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About time govt acted on Harare water

City of Harare employees working on water clarifiers at the Morton Jeffrey water works

FIFTEEN years ago, Zimbabwe experienced one of its worst health disasters since independence in 1980, when a cholera outbreak engulfed the entire country killing 4 369 people and infecting another 98 569. It was such as horrendous experience that a state of emergency was declared and government had to appeal for international assistance to bring it under control as the disease spread across much of southern Africa.

While the outbreak, which began in Chitungwiza, largely emanated from water contaminated with faecal matter, its widespread devastation was attributed to poor access to health care, poor infrastructure, high HIV prevalence, political instability, food shortages, high levels of displaced people and lack of access to safe water.

Confounded by the outbreak, the Zimbabwe government ended up blaming it on Western sanctions and even suggesting that the Western powers wanted to use it as a pretext to invade the country.

Fast forward to 2023.

While another cholera outbreak of similar magnitude may appear remote at the moment, conditions for the disease to resurface in a big way are, however, evident in Chitungwiza and the capital Harare. For example, the Harare City Council (HCC) told us this week that it had run out of aluminium sulphate, one of the major chemicals used in treating water consumed in Greater Harare. As a result, the council said it was drastically reducing water production to stretch as far as possible the remaining stocks of aluminium sulphate. HCC also said it had appealed to the Reserve Bank of Zimbabwe to prioritise companies that procure water chemicals for the local authority.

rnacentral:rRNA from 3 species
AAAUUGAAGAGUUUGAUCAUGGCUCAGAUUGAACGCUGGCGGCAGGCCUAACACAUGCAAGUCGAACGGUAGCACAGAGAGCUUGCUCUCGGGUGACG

Harare’s water situation has been dire for quite some time now and it perplexes why government appears unfazed by this potentially disastrous situation. The only time government speaks is when it is blaming the dire state of much of the capital city on mismanagement by the local authority dominated by opposition party councillors.

One wonders where government would be while the local authority mismanages the city when we thought all local authorities directly fall under the purview of the Local Government and Public Works ministry?

It is quite jaw-dropping that government would rather concentrate on vilifying the opposition-led local authority for its supposed shortcomings, instead of decisively acting to avert a possible disaster in the form of waterborne disease outbreaks.

Since 2008 the population of Harare has rapidly grown, meaning that in the event of a disease outbreak, the devastation will be catastrophic and will not spare anyone, including those in government. It is, therefore, imperative that government should start to take keen interest in how the capital and other urban areas are being run, regardless which political party is dominating the councils.

It is high time government matured and stopped being so myopic as to perpetually drive political agendas at the expense of national interests. Harare needs urgent help to avert a health disaster and government stands to gain nothing, but lose credibility, by turning a blind eye to the capital city’s plight, especially the water crisis it is currently grappling with.

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